Reforestation of two provinces of Mozambique costs US$47 million
DW (File photo)
The Japanese government is making available US$636,000 to support Mozambican government and UNICEF emergency programmes for vulnerable families in Mozambique’s drought-stricken areas.
The amount will help key government partners and civil society respond effectively to the specific needs of the population and contribute to interventions by the National Humanitarian Team and the government in response to the El Niño and La Niña phenomena.
“This generous contribution will help partners deliver emergency nutrition, health-care, education and protection to 45,500 people, including women and children, to meet their most pressing needs in areas hardest hit by drought or flood,” UNICEF Representative in Mozambique Marcoluigi Corsi said in a press release sent by the Japanese Embassy to AIM.
Corsi said he hoped that planned activities would improve communities “resilience to disasters, as well as communities’ response to future disasters”.
Activities will focus on those areas most affected by drought and conflict in provinces prone to floods and cyclones, including Gaza and Inhambane in the south of the country, Manica, Sofala, Tete and Zambézia in the centre and Nampula in the north.
The Japanese embassy says the offer comes in response to the devastating impact of events related to the La Niña phenomenon, such as the recent floods in Inhambane, Gaza and Sofala. Japan believes that there is an urgent need to strengthen the preparedness and response capacities in the most disaster-prone provinces, given that poor preparedness can lead to exacerbation of any crisis.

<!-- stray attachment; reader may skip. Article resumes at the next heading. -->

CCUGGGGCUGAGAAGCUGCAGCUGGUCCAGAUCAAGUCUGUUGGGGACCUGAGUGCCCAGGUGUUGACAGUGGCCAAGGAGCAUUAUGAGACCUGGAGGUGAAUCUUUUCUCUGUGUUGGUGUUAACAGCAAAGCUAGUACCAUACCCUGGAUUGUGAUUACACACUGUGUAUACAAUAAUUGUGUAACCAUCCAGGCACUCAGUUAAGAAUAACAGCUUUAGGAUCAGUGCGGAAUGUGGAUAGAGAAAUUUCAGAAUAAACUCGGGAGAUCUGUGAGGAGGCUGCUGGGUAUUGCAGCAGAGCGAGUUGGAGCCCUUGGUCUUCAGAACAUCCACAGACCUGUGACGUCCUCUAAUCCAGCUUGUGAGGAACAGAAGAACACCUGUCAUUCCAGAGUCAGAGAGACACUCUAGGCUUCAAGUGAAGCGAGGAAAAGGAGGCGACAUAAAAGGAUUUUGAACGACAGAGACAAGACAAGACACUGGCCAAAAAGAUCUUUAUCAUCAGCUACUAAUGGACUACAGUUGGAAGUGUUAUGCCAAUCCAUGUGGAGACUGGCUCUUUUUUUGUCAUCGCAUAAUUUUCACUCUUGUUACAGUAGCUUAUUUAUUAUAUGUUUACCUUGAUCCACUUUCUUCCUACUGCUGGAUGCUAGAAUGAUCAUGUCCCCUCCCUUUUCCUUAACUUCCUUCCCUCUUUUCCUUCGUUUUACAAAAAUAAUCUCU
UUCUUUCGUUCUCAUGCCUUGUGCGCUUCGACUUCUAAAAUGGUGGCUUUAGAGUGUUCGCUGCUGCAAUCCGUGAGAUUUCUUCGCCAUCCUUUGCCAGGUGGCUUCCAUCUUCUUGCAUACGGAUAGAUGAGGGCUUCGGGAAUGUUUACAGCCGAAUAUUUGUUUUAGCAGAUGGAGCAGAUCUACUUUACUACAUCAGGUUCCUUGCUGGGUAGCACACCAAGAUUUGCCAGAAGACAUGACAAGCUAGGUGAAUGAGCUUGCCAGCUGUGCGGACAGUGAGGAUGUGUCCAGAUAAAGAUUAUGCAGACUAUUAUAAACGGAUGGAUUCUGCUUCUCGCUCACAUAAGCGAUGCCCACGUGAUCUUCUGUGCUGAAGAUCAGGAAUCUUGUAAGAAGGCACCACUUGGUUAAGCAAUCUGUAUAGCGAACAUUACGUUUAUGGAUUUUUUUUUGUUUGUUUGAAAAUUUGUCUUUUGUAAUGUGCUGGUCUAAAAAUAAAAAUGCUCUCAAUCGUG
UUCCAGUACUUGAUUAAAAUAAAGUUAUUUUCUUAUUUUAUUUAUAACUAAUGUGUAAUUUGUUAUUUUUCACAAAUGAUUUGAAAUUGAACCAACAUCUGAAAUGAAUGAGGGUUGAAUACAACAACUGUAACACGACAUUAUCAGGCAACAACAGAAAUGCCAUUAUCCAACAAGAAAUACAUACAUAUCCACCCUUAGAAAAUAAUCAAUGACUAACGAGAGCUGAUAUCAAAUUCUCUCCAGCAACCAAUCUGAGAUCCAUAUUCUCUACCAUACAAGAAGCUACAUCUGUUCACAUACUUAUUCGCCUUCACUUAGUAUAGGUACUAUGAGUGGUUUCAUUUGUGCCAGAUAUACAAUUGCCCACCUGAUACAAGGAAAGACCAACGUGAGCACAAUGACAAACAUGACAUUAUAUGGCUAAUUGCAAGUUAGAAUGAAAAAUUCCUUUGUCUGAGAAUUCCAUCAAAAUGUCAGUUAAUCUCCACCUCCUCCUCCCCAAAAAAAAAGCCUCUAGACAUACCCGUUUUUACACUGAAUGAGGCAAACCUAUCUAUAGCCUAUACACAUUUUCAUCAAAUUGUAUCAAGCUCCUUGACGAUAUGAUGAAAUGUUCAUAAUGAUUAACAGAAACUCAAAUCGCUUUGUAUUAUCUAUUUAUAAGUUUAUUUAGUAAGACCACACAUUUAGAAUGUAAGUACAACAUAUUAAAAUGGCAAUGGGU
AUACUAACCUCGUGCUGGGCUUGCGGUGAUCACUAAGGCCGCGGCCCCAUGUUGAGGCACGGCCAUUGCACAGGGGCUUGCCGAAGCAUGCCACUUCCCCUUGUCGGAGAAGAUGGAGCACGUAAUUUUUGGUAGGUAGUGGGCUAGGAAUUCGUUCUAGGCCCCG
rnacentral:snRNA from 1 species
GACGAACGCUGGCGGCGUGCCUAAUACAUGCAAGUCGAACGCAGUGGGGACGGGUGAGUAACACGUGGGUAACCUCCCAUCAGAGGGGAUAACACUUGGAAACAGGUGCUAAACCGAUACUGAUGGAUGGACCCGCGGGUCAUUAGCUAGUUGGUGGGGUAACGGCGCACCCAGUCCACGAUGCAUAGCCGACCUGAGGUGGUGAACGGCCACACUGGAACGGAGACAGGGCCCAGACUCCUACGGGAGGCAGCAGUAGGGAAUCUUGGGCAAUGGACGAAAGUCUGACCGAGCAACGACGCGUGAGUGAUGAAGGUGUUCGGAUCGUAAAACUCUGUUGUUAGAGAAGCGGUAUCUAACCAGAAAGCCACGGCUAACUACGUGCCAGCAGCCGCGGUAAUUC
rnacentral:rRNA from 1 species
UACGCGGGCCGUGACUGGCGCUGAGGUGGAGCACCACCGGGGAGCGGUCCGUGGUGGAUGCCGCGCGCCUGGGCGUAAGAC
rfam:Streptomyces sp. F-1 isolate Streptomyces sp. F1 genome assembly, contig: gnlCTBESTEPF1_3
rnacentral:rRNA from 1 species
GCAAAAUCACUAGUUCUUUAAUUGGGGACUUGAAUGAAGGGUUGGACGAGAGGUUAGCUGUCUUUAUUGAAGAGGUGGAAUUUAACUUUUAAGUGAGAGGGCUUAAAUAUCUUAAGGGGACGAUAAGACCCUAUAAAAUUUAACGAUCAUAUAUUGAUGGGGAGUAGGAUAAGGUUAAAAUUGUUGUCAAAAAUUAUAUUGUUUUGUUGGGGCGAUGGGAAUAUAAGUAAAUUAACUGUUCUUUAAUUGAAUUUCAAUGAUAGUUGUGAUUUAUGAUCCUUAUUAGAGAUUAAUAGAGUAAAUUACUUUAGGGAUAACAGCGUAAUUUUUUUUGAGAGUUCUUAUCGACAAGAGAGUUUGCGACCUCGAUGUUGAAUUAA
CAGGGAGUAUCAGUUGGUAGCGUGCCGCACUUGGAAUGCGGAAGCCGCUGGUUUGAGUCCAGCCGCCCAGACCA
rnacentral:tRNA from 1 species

The Japanese government has a history of supporting humanitarian action in Mozambique and has been a major contributor to UNICEF, the Mozambican government and partners in their efforts to respond to the growing needs of vulnerable populations.
“The contribution of the Government of Japan is vital to ensuring that UNICEF can increase its emergency interventions in case of drought, floods and cyclones, and reach the most needy,” the embassy said.
Partners to this program are the Government of Mozambique, through the Ministry of Education and Human Development and Gender, Child and Social Action, a key partner in the implementation of the program for a period of 12 months; the National Institute of Disaster Management (INGC), United Nations agencies, the Mozambique Red Cross and non-governmental organizations.
Other important partners in the provinces are grassroots community organizations which conduct home visits and provide guidance on health and nutrition and psychosocial support to help vulnerable families cope with the trauma and challenges of drought, flood and conflict.Source: AIM Moçambique
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